Case Studies

WWF HQ, Living Planet Centre, Woking Surrey

New WWF HQ floored by MERO-SCHMIDLIN

WWF HQ Woking

 

The WWF Centre is elevated upon a concrete plinth which forms a ground level car park which had to be retained as part of the planning consent

 

 

The HQ of any establishment should reflect the ethos and aspirations of the client so when the brief is to design and construct a completely new hub for The World Wildlife Foundation sustainability was at the forefront of every decision.

 

 

 

WWF HQ Woking Two

 

The Hopkins Architects designed complex features a timber and steel frame with large areas of glass providing plenty of natural light.

 

The Living Planet Centre was designed by Hopkins Architects and constructed by Willmott Dixon with the aim of achieving the highest possible BREEAM ‘Outstanding’  rating and setting a benchmark for sustainability. The site is on the very fringe of Woking just a few wheel spins from The McLaren HQ, another iconic building. The planning consent involved retaining the existing public car parking space which enabled the architects to elevate the building as if it was on a series of pedestals. Whist having the airspace beneath the building creates a number of issues with thermal and acoustic insulation it elevates the building in every sense. The foundation frame consists of fair faced concrete on which the timber, glass and steel framed building rather regally sits.

 

WWF HQ Woking Three

 

The building features plenty of Natural Light and is also naturally ventilated

 

 

 

The 37.5 metre timber curved trusses are constructed from laminated timber capped with a zinc roof with photovoltaic panels and metal wind cowls to aid the natural air ventilation system. With the eastern and western ends being glazed, timber louvers have been added to limit solar gain.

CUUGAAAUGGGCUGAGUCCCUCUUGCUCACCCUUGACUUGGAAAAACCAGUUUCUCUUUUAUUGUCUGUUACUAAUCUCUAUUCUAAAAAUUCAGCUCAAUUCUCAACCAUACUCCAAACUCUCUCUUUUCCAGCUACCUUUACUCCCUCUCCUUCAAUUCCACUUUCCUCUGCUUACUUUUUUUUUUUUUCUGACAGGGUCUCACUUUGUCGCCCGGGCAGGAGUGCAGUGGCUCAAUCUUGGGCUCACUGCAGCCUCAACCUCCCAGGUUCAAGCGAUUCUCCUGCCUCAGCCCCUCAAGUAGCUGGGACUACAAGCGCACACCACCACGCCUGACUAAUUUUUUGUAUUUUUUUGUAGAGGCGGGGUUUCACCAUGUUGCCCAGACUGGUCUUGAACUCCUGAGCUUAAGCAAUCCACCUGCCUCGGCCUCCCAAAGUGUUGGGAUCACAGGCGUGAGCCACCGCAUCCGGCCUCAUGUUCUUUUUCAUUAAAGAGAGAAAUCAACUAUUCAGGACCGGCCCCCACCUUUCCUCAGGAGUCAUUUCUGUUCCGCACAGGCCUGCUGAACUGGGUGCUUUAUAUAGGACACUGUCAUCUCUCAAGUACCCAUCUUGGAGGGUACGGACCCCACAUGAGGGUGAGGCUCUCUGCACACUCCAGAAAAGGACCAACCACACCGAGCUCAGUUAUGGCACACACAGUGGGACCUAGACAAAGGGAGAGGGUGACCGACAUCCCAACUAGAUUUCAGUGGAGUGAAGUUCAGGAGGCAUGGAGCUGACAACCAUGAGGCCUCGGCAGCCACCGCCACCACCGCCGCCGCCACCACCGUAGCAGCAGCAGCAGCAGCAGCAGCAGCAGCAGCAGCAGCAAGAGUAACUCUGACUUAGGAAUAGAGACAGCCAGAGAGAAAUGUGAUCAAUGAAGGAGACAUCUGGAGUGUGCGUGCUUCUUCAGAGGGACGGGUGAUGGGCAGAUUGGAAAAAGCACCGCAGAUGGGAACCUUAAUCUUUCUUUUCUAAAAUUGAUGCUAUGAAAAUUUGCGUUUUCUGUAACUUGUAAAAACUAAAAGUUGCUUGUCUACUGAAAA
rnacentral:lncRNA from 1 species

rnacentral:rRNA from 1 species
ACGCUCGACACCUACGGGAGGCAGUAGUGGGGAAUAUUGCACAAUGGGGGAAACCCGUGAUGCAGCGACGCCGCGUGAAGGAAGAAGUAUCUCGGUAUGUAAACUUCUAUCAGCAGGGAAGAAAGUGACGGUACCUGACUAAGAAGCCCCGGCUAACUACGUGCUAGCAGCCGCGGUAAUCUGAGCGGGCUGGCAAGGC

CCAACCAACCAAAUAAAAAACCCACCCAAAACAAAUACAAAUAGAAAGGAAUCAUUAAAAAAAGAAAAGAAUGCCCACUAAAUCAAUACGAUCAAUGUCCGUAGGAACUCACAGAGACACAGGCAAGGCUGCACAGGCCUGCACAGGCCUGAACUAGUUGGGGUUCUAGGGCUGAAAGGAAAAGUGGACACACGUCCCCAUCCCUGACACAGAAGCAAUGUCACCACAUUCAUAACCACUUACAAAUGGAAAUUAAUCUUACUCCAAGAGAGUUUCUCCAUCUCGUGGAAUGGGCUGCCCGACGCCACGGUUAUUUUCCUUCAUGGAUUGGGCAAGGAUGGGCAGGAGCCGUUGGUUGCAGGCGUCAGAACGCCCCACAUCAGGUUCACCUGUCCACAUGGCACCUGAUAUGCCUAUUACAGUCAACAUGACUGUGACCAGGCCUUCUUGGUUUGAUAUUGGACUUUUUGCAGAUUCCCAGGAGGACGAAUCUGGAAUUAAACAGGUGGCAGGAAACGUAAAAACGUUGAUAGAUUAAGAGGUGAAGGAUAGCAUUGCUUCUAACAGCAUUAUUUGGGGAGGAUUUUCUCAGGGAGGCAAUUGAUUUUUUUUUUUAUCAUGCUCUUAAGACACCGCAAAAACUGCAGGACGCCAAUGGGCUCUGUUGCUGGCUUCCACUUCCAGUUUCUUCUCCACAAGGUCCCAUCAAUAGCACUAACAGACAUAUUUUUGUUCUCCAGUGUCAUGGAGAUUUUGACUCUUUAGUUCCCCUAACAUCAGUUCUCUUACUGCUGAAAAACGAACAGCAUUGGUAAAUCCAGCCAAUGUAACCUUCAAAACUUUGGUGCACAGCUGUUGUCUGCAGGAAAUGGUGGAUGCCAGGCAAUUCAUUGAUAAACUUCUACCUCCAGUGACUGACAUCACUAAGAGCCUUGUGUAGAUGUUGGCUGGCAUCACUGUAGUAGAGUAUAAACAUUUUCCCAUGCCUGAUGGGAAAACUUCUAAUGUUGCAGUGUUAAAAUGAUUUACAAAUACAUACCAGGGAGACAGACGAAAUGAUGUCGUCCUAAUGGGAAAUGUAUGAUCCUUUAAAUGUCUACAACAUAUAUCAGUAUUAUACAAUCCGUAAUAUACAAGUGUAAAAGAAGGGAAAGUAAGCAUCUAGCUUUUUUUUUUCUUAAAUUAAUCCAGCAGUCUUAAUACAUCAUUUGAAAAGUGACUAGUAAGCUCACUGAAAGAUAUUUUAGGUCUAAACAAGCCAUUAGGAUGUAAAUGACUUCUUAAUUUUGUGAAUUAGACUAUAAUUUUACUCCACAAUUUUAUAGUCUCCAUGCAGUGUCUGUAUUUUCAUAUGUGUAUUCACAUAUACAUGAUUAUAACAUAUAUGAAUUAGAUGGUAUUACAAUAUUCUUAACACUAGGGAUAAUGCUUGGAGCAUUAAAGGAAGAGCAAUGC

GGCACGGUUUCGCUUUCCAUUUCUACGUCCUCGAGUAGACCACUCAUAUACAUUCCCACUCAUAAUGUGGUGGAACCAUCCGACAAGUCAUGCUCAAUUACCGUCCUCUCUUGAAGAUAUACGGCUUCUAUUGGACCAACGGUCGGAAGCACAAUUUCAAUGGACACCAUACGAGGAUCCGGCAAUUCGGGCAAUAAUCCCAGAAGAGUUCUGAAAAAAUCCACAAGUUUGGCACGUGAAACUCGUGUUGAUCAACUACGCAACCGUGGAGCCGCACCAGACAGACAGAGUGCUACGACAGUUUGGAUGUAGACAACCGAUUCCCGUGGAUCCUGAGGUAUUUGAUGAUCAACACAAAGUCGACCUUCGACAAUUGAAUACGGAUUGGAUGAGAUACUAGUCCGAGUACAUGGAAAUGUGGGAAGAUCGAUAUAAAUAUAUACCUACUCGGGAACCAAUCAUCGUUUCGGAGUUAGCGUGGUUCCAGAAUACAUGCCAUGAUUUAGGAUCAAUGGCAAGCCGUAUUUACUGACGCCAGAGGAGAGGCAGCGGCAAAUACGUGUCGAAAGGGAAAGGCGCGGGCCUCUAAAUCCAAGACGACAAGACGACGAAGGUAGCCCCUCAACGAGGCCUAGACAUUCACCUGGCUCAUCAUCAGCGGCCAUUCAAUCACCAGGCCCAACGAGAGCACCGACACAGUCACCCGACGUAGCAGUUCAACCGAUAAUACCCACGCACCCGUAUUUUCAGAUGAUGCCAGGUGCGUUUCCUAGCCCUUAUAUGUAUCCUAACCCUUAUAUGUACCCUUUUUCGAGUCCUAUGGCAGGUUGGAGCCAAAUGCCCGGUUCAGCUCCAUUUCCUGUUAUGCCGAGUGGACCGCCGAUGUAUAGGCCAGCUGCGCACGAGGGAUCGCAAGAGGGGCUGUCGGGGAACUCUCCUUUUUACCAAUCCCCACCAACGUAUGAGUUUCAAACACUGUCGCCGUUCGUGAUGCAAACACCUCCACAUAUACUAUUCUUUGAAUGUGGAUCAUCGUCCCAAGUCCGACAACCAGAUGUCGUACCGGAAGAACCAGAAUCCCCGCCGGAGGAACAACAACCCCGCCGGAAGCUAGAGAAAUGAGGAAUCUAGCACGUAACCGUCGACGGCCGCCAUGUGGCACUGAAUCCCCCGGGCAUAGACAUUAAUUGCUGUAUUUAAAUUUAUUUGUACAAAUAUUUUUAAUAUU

WWF HQ Woking Four

 

In line with the ethos of the WWF the timber all came from providers who could garauntee they were responsibly sourced including much of the flooring panels.

 

As with many modern workspaces the atria or hub is an essential component of the design allowing staff to congregate in a light and airy space for meetings or just to grab a coffee. The double height complex has enabled the hub to be more of a ‘street’ which runs through the building which dissects the first floor forming a mezzanine arrangement around the inner rim. The less formal arrangement inside allows for great flexibility within the building so that areas can be re-arranged to suit the immediate staff needs and any future requirements.

 

WWF HQ Woking Eleven

 

As with almost all modern commercial bildings, there is a 'Hub' for staff to meet both formally and socially. This has both natural light and natural ventilation (Via the floor plenum)

 

The whole of the flooring areas consist of a Mero Raised Access System which not only meet all of the sustainability criteria but also offer a plethora of other technical requirements with regard to natural air ventilation and thermal insulation.

 

WWF HQ Woking Ten

 

Glass & Natural Timber are complimented by the mezzanine floor arrangement which has an open centre enabling the rooflights to illuminate the whole building.

 

 

The commitment by WWF was to ensure resources used in the building came from sustainable sources resulting in Willmott Dixon issuing some very impressive statistics

  •                 80% of aggregates by volume throughout the construction were recycled